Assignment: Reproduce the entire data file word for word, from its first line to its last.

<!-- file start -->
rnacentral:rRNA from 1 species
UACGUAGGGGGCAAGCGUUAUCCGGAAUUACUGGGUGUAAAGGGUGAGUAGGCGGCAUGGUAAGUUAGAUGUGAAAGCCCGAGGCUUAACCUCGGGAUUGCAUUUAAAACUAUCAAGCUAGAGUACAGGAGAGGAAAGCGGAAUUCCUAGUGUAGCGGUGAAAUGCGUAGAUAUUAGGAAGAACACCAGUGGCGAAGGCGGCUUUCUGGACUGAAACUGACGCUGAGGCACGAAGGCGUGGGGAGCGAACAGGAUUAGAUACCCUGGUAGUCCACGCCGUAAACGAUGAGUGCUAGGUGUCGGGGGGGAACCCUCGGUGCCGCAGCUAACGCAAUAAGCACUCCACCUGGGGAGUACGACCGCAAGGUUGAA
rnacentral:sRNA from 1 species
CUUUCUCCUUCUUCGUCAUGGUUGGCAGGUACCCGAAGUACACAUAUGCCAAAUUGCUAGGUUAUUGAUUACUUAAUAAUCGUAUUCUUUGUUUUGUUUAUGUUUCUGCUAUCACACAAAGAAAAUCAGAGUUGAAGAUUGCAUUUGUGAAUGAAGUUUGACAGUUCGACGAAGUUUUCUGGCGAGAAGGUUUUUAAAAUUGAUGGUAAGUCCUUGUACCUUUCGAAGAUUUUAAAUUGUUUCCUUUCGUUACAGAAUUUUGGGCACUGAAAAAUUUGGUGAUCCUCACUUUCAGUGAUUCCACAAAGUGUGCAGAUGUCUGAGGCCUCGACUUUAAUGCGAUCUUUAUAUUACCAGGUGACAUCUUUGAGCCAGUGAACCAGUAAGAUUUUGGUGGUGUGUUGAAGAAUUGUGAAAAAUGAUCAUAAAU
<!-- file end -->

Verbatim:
rnacentral:rRNA from 1 species
UACGUAGGGGGCAAGCGUUAUCCGGAAUUACUGGGUGUAAAGGGUGAGUAGGCGGCAUGGUAAGUUAGAUGUGAAAGCCCGAGGCUUAACCUCGGGAUUGCAUUUAAAACUAUCAAGCUAGAGUACAGGAGAGGAAAGCGGAAUUCCUAGUGUAGCGGUGAAAUGCGUAGAUAUUAGGAAGAACACCAGUGGCGAAGGCGGCUUUCUGGACUGAAACUGACGCUGAGGCACGAAGGCGUGGGGAGCGAACAGGAUUAGAUACCCUGGUAGUCCACGCCGUAAACGAUGAGUGCUAGGUGUCGGGGGGGAACCCUCGGUGCCGCAGCUAACGCAAUAAGCACUCCACCUGGGGAGUACGACCGCAAGGUUGAA
rnacentral:sRNA from 1 species
CUUUCUCCUUCUUCGUCAUGGUUGGCAGGUACCCGAAGUACACAUAUGCCAAAUUGCUAGGUUAUUGAUUACUUAAUAAUCGUAUUCUUUGUUUUGUUUAUGUUUCUGCUAUCACACAAAGAAAAUCAGAGUUGAAGAUUGCAUUUGUGAAUGAAGUUUGACAGUUCGACGAAGUUUUCUGGCGAGAAGGUUUUUAAAAUUGAUGGUAAGUCCUUGUACCUUUCGAAGAUUUUAAAUUGUUUCCUUUCGUUACAGAAUUUUGGGCACUGAAAAAUUUGGUGAUCCUCACUUUCAGUGAUUCCACAAAGUGUGCAGAUGUCUGAGGCCUCGACUUUAAUGCGAUCUUUAUAUUACCAGGUGACAUCUUUGAGCCAGUGAACCAGUAAGAUUUUGGUGGUGUGUUGAAGAAUUGUGAAAAAUGAUCAUAAAU